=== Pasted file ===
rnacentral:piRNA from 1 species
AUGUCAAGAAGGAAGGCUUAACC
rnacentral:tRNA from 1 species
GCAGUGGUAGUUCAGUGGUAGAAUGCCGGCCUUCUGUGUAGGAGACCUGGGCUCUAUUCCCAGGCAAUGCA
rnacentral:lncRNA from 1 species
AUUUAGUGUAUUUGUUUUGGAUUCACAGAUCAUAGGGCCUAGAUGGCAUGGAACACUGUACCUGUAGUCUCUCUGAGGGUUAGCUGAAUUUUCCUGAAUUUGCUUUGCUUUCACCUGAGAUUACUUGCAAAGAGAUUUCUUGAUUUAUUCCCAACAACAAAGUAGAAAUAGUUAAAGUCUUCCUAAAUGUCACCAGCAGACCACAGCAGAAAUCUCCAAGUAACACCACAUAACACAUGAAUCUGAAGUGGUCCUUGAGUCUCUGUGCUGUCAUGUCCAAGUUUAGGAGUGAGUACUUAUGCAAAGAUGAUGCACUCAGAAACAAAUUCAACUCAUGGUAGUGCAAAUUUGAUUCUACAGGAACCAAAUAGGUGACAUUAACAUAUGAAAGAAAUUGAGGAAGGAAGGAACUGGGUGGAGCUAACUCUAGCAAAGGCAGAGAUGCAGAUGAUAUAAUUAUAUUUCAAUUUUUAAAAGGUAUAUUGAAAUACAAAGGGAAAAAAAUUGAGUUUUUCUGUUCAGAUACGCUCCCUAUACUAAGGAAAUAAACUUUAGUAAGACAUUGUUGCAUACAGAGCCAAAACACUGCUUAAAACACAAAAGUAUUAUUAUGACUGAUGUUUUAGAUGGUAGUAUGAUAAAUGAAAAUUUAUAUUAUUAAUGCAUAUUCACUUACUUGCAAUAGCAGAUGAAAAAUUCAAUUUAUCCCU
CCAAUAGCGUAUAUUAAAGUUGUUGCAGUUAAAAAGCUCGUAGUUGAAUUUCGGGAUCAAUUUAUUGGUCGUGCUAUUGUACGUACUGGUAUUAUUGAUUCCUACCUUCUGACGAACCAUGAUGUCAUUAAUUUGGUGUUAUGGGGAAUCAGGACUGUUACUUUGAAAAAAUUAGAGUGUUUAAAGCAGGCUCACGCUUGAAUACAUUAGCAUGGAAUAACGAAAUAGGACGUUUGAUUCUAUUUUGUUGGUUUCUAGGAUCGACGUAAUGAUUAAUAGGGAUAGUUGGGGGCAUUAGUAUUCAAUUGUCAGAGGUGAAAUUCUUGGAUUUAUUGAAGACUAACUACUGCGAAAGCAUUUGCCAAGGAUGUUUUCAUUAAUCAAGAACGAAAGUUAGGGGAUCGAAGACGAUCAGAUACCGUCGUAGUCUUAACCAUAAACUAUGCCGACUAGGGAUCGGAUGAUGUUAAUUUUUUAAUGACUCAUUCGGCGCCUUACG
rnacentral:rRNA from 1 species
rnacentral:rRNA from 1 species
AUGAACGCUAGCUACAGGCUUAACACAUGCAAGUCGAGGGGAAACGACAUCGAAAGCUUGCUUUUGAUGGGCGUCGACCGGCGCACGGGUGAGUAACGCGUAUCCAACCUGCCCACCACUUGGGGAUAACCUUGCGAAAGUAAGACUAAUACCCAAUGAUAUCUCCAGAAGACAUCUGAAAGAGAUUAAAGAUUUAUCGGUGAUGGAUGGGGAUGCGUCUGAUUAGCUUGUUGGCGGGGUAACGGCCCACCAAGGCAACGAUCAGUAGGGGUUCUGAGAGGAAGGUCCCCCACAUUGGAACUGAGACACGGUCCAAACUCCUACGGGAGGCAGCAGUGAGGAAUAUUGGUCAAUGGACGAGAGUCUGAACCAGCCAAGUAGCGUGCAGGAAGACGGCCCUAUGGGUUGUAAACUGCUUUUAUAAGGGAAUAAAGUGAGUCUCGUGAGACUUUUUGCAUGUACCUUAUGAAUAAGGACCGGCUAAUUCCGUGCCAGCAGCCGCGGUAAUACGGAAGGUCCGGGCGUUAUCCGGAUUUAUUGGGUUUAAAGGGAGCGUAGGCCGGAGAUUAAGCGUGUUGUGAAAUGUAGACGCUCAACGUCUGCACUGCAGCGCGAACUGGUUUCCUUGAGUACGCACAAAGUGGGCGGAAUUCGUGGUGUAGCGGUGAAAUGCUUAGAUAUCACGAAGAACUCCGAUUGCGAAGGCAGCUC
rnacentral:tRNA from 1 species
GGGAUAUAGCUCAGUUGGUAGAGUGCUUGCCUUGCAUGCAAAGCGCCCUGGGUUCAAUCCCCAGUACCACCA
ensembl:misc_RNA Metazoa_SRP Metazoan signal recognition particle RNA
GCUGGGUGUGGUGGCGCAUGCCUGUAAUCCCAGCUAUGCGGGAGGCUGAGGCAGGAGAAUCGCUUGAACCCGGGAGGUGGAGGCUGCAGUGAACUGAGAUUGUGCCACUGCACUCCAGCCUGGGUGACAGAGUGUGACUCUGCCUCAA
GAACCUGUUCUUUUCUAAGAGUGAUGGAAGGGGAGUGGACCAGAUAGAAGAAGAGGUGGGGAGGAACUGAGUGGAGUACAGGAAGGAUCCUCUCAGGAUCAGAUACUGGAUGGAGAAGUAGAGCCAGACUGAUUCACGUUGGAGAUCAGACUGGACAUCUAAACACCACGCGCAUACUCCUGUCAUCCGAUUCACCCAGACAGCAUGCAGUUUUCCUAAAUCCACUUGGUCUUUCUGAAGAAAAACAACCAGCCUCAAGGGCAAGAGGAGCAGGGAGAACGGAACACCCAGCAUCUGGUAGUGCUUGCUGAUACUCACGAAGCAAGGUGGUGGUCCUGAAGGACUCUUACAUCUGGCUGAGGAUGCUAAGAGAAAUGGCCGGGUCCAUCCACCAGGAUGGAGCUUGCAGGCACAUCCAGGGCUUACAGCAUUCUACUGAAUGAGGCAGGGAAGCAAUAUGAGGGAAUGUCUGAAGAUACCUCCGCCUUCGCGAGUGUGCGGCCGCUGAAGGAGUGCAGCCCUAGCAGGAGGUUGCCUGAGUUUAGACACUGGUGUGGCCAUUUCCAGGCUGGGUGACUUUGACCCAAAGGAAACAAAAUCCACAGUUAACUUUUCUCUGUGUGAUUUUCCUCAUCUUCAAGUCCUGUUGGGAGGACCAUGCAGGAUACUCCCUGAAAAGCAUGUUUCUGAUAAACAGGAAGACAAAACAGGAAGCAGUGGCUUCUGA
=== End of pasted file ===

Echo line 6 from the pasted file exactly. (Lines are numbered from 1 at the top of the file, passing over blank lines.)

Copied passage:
AUUUAGUGUAUUUGUUUUGGAUUCACAGAUCAUAGGGCCUAGAUGGCAUGGAACACUGUACCUGUAGUCUCUCUGAGGGUUAGCUGAAUUUUCCUGAAUUUGCUUUGCUUUCACCUGAGAUUACUUGCAAAGAGAUUUCUUGAUUUAUUCCCAACAACAAAGUAGAAAUAGUUAAAGUCUUCCUAAAUGUCACCAGCAGACCACAGCAGAAAUCUCCAAGUAACACCACAUAACACAUGAAUCUGAAGUGGUCCUUGAGUCUCUGUGCUGUCAUGUCCAAGUUUAGGAGUGAGUACUUAUGCAAAGAUGAUGCACUCAGAAACAAAUUCAACUCAUGGUAGUGCAAAUUUGAUUCUACAGGAACCAAAUAGGUGACAUUAACAUAUGAAAGAAAUUGAGGAAGGAAGGAACUGGGUGGAGCUAACUCUAGCAAAGGCAGAGAUGCAGAUGAUAUAAUUAUAUUUCAAUUUUUAAAAGGUAUAUUGAAAUACAAAGGGAAAAAAAUUGAGUUUUUCUGUUCAGAUACGCUCCCUAUACUAAGGAAAUAAACUUUAGUAAGACAUUGUUGCAUACAGAGCCAAAACACUGCUUAAAACACAAAAGUAUUAUUAUGACUGAUGUUUUAGAUGGUAGUAUGAUAAAUGAAAAUUUAUAUUAUUAAUGCAUAUUCACUUACUUGCAAUAGCAGAUGAAAAAUUCAAUUUAUCCCU